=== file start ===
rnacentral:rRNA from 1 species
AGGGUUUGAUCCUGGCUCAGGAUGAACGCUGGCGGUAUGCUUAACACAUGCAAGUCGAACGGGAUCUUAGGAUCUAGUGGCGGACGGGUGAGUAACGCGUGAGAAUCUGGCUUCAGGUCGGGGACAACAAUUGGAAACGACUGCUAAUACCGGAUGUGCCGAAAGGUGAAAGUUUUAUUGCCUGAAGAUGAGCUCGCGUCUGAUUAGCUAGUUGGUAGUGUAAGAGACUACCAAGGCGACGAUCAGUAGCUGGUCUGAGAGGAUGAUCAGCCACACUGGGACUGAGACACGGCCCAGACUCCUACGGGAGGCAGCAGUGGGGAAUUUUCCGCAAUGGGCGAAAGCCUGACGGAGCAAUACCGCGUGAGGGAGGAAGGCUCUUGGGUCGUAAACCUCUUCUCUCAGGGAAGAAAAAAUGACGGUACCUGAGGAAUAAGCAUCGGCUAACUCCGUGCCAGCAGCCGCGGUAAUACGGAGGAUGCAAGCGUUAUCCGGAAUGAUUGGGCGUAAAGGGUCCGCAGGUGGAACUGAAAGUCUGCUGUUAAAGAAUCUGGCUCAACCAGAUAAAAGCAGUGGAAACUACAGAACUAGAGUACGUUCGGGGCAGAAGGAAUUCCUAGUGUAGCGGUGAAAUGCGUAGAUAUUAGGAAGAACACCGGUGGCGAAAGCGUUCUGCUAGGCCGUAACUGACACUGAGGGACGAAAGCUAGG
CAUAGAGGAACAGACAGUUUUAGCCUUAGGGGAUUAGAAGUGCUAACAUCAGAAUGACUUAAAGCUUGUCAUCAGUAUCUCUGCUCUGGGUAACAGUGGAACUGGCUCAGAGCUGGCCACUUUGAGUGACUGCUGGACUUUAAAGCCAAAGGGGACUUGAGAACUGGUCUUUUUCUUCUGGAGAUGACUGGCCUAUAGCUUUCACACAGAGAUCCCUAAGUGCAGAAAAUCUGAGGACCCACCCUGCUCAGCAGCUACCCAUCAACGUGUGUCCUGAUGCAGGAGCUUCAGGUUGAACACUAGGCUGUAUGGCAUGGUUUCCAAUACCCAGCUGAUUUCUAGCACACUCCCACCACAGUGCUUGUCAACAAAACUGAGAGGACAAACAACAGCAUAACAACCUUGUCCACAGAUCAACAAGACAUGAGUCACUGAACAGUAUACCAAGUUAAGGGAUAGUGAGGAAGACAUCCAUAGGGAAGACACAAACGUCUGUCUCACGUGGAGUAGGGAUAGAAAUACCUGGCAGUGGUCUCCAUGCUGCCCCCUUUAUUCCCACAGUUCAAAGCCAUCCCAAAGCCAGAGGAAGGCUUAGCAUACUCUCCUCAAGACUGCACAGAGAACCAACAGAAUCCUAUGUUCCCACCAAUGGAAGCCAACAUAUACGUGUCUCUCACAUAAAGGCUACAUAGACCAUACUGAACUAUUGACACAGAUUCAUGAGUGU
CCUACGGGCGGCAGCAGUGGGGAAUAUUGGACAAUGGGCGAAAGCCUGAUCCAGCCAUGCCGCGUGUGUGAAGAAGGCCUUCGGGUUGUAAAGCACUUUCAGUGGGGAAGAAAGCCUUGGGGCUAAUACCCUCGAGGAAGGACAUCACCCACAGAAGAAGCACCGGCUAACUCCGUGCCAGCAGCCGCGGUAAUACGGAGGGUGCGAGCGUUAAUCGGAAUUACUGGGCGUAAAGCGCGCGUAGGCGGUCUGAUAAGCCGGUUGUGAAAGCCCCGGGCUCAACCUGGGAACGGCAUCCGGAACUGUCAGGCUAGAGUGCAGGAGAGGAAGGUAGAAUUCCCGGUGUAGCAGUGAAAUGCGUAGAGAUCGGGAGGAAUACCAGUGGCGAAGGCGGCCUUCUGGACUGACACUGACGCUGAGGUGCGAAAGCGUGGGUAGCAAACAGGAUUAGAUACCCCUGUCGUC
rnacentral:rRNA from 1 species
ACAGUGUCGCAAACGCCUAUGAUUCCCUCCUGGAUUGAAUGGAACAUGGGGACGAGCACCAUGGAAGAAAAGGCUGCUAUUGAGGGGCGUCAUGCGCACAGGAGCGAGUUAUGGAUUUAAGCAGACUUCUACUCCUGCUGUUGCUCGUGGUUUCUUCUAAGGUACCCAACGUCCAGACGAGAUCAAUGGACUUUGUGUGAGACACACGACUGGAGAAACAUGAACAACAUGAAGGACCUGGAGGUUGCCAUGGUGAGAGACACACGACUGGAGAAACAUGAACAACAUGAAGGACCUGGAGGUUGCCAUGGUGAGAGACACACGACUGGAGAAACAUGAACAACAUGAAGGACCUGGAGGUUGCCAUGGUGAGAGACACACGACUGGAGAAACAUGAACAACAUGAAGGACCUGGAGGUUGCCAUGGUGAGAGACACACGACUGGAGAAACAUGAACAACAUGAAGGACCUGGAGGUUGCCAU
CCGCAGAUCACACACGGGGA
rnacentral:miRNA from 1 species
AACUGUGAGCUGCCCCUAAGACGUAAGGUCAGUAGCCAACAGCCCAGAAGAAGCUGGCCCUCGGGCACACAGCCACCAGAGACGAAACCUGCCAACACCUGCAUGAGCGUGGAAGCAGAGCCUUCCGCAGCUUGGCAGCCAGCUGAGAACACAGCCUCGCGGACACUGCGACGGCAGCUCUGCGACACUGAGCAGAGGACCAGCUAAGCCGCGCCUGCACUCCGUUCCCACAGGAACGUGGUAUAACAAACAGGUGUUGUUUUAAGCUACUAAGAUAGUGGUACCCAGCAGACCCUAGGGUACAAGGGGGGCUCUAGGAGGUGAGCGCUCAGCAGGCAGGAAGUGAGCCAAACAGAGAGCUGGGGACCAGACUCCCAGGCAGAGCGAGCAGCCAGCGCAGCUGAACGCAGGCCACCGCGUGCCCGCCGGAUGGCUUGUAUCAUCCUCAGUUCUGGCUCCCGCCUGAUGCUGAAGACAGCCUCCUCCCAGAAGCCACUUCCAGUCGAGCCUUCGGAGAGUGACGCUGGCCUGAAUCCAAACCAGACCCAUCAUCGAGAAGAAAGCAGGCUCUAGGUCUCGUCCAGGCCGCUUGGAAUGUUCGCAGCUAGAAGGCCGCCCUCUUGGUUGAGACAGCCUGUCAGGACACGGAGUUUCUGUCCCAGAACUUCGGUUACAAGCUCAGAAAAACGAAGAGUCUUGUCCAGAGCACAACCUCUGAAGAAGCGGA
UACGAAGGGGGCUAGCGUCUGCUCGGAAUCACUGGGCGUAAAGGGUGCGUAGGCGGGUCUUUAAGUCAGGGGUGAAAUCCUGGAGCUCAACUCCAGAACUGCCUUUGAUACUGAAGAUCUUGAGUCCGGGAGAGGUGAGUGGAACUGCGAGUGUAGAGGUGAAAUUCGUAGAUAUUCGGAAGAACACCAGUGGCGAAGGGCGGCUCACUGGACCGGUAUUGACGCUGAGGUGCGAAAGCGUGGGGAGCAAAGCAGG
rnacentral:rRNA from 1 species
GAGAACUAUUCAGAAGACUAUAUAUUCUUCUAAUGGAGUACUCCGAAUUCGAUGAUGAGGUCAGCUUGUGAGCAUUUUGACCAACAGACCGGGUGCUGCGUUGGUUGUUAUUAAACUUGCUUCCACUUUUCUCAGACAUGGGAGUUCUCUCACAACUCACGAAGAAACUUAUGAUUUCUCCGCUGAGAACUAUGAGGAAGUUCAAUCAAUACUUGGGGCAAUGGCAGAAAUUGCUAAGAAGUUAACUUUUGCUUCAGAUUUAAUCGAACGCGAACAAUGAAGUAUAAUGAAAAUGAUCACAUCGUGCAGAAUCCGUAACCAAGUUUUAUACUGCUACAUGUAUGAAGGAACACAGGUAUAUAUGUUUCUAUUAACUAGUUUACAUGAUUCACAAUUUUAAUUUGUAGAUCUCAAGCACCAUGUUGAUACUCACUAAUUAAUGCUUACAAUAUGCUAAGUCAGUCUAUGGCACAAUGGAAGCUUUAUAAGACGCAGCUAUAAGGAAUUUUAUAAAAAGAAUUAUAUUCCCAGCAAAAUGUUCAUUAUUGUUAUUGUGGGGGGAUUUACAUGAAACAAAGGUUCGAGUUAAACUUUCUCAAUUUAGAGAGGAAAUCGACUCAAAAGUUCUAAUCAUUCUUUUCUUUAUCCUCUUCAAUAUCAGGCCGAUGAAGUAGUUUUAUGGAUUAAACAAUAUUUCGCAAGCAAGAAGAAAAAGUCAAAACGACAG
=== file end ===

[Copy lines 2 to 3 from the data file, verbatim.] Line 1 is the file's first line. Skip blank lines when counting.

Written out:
AGGGUUUGAUCCUGGCUCAGGAUGAACGCUGGCGGUAUGCUUAACACAUGCAAGUCGAACGGGAUCUUAGGAUCUAGUGGCGGACGGGUGAGUAACGCGUGAGAAUCUGGCUUCAGGUCGGGGACAACAAUUGGAAACGACUGCUAAUACCGGAUGUGCCGAAAGGUGAAAGUUUUAUUGCCUGAAGAUGAGCUCGCGUCUGAUUAGCUAGUUGGUAGUGUAAGAGACUACCAAGGCGACGAUCAGUAGCUGGUCUGAGAGGAUGAUCAGCCACACUGGGACUGAGACACGGCCCAGACUCCUACGGGAGGCAGCAGUGGGGAAUUUUCCGCAAUGGGCGAAAGCCUGACGGAGCAAUACCGCGUGAGGGAGGAAGGCUCUUGGGUCGUAAACCUCUUCUCUCAGGGAAGAAAAAAUGACGGUACCUGAGGAAUAAGCAUCGGCUAACUCCGUGCCAGCAGCCGCGGUAAUACGGAGGAUGCAAGCGUUAUCCGGAAUGAUUGGGCGUAAAGGGUCCGCAGGUGGAACUGAAAGUCUGCUGUUAAAGAAUCUGGCUCAACCAGAUAAAAGCAGUGGAAACUACAGAACUAGAGUACGUUCGGGGCAGAAGGAAUUCCUAGUGUAGCGGUGAAAUGCGUAGAUAUUAGGAAGAACACCGGUGGCGAAAGCGUUCUGCUAGGCCGUAACUGACACUGAGGGACGAAAGCUAGG
CAUAGAGGAACAGACAGUUUUAGCCUUAGGGGAUUAGAAGUGCUAACAUCAGAAUGACUUAAAGCUUGUCAUCAGUAUCUCUGCUCUGGGUAACAGUGGAACUGGCUCAGAGCUGGCCACUUUGAGUGACUGCUGGACUUUAAAGCCAAAGGGGACUUGAGAACUGGUCUUUUUCUUCUGGAGAUGACUGGCCUAUAGCUUUCACACAGAGAUCCCUAAGUGCAGAAAAUCUGAGGACCCACCCUGCUCAGCAGCUACCCAUCAACGUGUGUCCUGAUGCAGGAGCUUCAGGUUGAACACUAGGCUGUAUGGCAUGGUUUCCAAUACCCAGCUGAUUUCUAGCACACUCCCACCACAGUGCUUGUCAACAAAACUGAGAGGACAAACAACAGCAUAACAACCUUGUCCACAGAUCAACAAGACAUGAGUCACUGAACAGUAUACCAAGUUAAGGGAUAGUGAGGAAGACAUCCAUAGGGAAGACACAAACGUCUGUCUCACGUGGAGUAGGGAUAGAAAUACCUGGCAGUGGUCUCCAUGCUGCCCCCUUUAUUCCCACAGUUCAAAGCCAUCCCAAAGCCAGAGGAAGGCUUAGCAUACUCUCCUCAAGACUGCACAGAGAACCAACAGAAUCCUAUGUUCCCACCAAUGGAAGCCAACAUAUACGUGUCUCUCACAUAAAGGCUACAUAGACCAUACUGAACUAUUGACACAGAUUCAUGAGUGU